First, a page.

The carotenoid acid chloride was prepared from 7′-apo-7′-(4-carboxyphenyl)-β-carotene in accordance with Gust et al., Methods in Enzymology, 1992, 213, 87-100. A portion of 7′-apo-7′-(4-carboxyphenyl)-β-carotene (590 mg, 1.11 mmole) was dissolved in 130 mL of dry toluene and 30 mL of dry pyridine. This solution was stirred under an atmosphere of N2 while 240 μL of thionyl chloride was added. The mixture was kept well stirred for 30 minutes at room temperature. The solvent and excess thionyl chloride were distilled under vacuum and the residue was kept under high vacuum for approximately 30 minutes. During this time, 384 mg (0.475 mmole) of the aminoporphyrin prepared above was dissolved in 130 mL of dry toluene and 30 mL of dry pyridine. The carotenoid acid chloride was dissolved in 10 mL of toluene and 1 mL of pyridine. This solution was added to the porphyrin solution and the mixture was stirred under an atmosphere of N2 for 24 hours at room temperature. The crude reaction mixture was diluted with dichloromethane and extracted with a saturated solution of sodium bicarbonate. Column chromatography on silica gel with dichloromethane and increasing amounts of ethyl acetate (0.1% to 2%) gave 490 mg of pure material as shown in FIG. 3 (78% yield). 1H-NMR (300 MHz, CDCl3) δ−2.80 (2H, s,—NH), 1.04 (6H, s, Car 16-CH3,Car 17-CH3), 1.44-1.52 (2H, m, Car 2-CH2), 1.57-1.68 (2H, m, Car 3-CH2), 1.72 (3H, s, Car 18-CH3), 1.99 (3H, s, Car 19-CH3), 2.00 (3H, s, Car 20-CH3), 2.01 (3H, s, Car 20′-CH3), 2.02-2.04 (2H, m, Car 4-CH2), 2.09 (3H, s, Car 19′-CH3), 3.96 (18H, s, —OCH3), 6.10-6.80 (13H, m, Car=CH—), 6.90 (3 H, t, J=2.1 Hz, 10,15,20Ar 4-H), 7.06 (1H, d, J=16 Hz, Car 8′-H), 7.41 (6H, d, J=2.1 Hz, 10,15,20Ar 2,6-H), 7.62 (2H, d, J=8 Hz, Car 1′,5′-H), 7.98 (2H, J=8 Hz, Car 2′,4′-H), 8.04 (2H, d, J=8.4 Hz, 5Ar 3,5-H), 8.16 (1H, s, —NH), 8.21 (2H, d, J=8.4 Hz, 5Ar 2,6-H), 8.91 (8H, m, meso); MS m/z: 1325.4 (M)+ (Calc. M=1325.7); UV/vis (CH2Cl2) 422, 481, 513, 589, 646 nm.

These polymethoxycarotenoporphyrins are designed to be administered by injection or other means, to localize preferentially in pathology or target tissue tissue, to absorb light, especially in the 650 nm region, and thereupon fluoresce at a longer wavelength than the absorbance wavelength in accordance with the general description above. Light absorption, fluorescence or both can be detected by either eye or instrumental methods, thus identifying and demarcating the pathology or target tissue tissue. Furthermore, these compounds are designed to quench the porphyrin triplet states by triplet-triplet energy transfer to the attached carotenoid. This will prevent formation of singlet oxygen by energy transfer from the porphyrin triplet states, and thus prevent damage to healthy tissue caused by singlet oxygen, or long-lived porphyrin triplet states. These molecules are also designed to be readily excreted by normal tissue, including the liver and spleen.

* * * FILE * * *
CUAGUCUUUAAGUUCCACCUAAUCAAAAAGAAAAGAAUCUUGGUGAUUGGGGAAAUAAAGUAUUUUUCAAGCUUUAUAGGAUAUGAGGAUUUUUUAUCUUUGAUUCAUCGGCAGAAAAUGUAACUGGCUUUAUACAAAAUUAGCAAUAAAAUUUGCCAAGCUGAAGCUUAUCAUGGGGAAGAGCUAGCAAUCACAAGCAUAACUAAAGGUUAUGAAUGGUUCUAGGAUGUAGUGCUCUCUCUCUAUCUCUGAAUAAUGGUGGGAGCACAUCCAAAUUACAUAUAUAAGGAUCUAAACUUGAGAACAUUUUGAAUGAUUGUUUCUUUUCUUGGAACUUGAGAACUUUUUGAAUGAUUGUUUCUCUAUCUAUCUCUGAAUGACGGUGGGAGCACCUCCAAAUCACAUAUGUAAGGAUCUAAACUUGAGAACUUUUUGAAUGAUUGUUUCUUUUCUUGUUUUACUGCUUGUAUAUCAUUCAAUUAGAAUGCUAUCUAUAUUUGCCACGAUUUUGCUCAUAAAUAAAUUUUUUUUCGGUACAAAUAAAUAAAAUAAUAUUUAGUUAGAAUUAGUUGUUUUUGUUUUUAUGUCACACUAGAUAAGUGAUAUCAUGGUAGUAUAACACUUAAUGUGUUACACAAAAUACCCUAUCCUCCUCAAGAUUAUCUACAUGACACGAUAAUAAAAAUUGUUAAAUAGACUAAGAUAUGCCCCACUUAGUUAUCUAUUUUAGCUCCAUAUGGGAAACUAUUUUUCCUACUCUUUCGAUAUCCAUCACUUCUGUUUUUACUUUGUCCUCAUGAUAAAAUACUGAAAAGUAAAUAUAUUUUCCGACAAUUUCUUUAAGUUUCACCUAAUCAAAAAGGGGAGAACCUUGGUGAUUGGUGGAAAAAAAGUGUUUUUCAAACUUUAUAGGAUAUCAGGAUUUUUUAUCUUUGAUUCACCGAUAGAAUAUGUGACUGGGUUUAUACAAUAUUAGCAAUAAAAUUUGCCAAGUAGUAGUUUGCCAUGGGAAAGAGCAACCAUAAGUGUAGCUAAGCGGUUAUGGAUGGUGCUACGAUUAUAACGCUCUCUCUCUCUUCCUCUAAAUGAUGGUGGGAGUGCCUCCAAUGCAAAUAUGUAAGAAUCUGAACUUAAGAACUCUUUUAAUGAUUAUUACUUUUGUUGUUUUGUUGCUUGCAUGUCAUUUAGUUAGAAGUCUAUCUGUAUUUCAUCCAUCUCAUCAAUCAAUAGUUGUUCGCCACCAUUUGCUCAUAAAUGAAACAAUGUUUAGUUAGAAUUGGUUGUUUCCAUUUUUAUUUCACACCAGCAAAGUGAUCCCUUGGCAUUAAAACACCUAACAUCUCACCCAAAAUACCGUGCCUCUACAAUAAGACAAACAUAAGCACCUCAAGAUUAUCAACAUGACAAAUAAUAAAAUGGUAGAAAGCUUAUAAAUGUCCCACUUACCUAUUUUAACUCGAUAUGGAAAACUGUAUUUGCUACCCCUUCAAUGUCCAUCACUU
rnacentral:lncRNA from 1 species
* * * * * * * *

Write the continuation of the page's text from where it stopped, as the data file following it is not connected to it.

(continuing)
Example 4 Octa-alkyl Carotenoporphyrins

Carotenoporphyrins consisting of a carotenoid polyene (the auxiliary chromo-phore) covalently linked to a synthetic octa-alkyl porphyrin (the agent)

wherein

R1=hydrogen, substituted or unsubstituted alkyl, alkoxy or aryl group; each R1 may be the same or different,

R2=hydrogen, substituted or unsubstituted alkyl or aryl group;

as exemplified by

have been synthesized as follows:

To a 50-mL flask under a nitrogen atmosphere were added 46 mg (0.086 mmole) of 7′-apo-7′-(4-carboxyphenyl)-β-carotene, 12 mL of dichloromethane, 10 μL (0.091 mmole) of N-methylmorpholine, and 16 mg (0.091 mmole) of 2-chloro-4,6-dimethoxy1,3,5-triazine. The mixture was stirred for 2 hours, and 50 mg (0.057 mmole) of the required amino porphyrin prepared in accordance with Kuciauskas et al., J. Phys. Chem. B., 1997, 101, pp. 429-440, was added, along with 10 μL (0.091 mmole) of N-methylmorpholine and 11 mg (0.091 mmole) of 4-N,N-dimethylaminopyridine. After stirring for 17 hours, aqueous sodium bicarbonate was added, and the mixture stirred for 1.5 hours. Dichloromethane was added, and the resulting mixture was washed with water, dilute aqueous citric. acid, and dilute aqueous sodium bicarbonate. Sodium sulfate was used to dry the organic phase, and after filtering, the solvent was distilled at reduced pressure. Chromatography of the residue on silica gel (dichloromethane containing 1-2% acetone) gave crude product, which was recrystallized from dichloromethane and methanol to give 57 mg of the compound shown in FIG. 4 (71% yield). 1H-NMR (300 MHz, CDCl3) δ−2.40 (2H, brs, —NH), 1.04 (6H, s, Car 16-CH3, Car 17-CH3), 1.43-1.52 (2H, m, Car 2-CH2), 1.57-1.68 (2H, m, Car 3-CH2), 1.73 (3H, s, Car 18-CH3), 1.78 (12H, m, 2-CH3, 8-CH3, 12-CH3, 18-CH3), 1.99 (3H, s, Car 19-CH3), 2.00 (3H, s, Car 20-CH3), 2.01 (3H, s, Car 20′-CH3), 2.01 (2H, m, Car 4-CH3), 2.10 (3H, s, Car 19′-CH3), 2.56 (6H, s, 13-CH3, 17-CH3), 2.59 (6H, s, 3-CH3, 7-CH3), 4.02 (3H, s, ArOCH3), 4.02 (8H, m, 2-CH2, 8-CH2, 12-CH2, 18-CH2), 4.07, (3H, s, ArOCH3), 6.1-6.8 (13H, m, Car=CH—), 6.84 (2H, AB, J=9 Hz, Naphthyl 2,3-H), 7.07 (1H, d, J=16 Hz, Car 8′-H), 7.62 (2H, d, J=8 Hz, Car 1′,5′-H), 7.97-8.23 (12H, m, Car 2′,4′-H, 5Ar2,3,5,6-H, 15Ar2,3,5,6-H, Naphthyl 7-H, —NH), 8.42 (1H, d7 J=9 Hz, Naphtyl 8-H), 8.44 (1H, brs, —NH), 8.90 (1H, brs, Naphthyl 5-H), 10.24 (2H, s, 10-CH, 20-CH); MS m/z 1393 (M+H); UV/vis (CH2Cl2) 410,450 (sh), 484, 512, 574, 626 nm.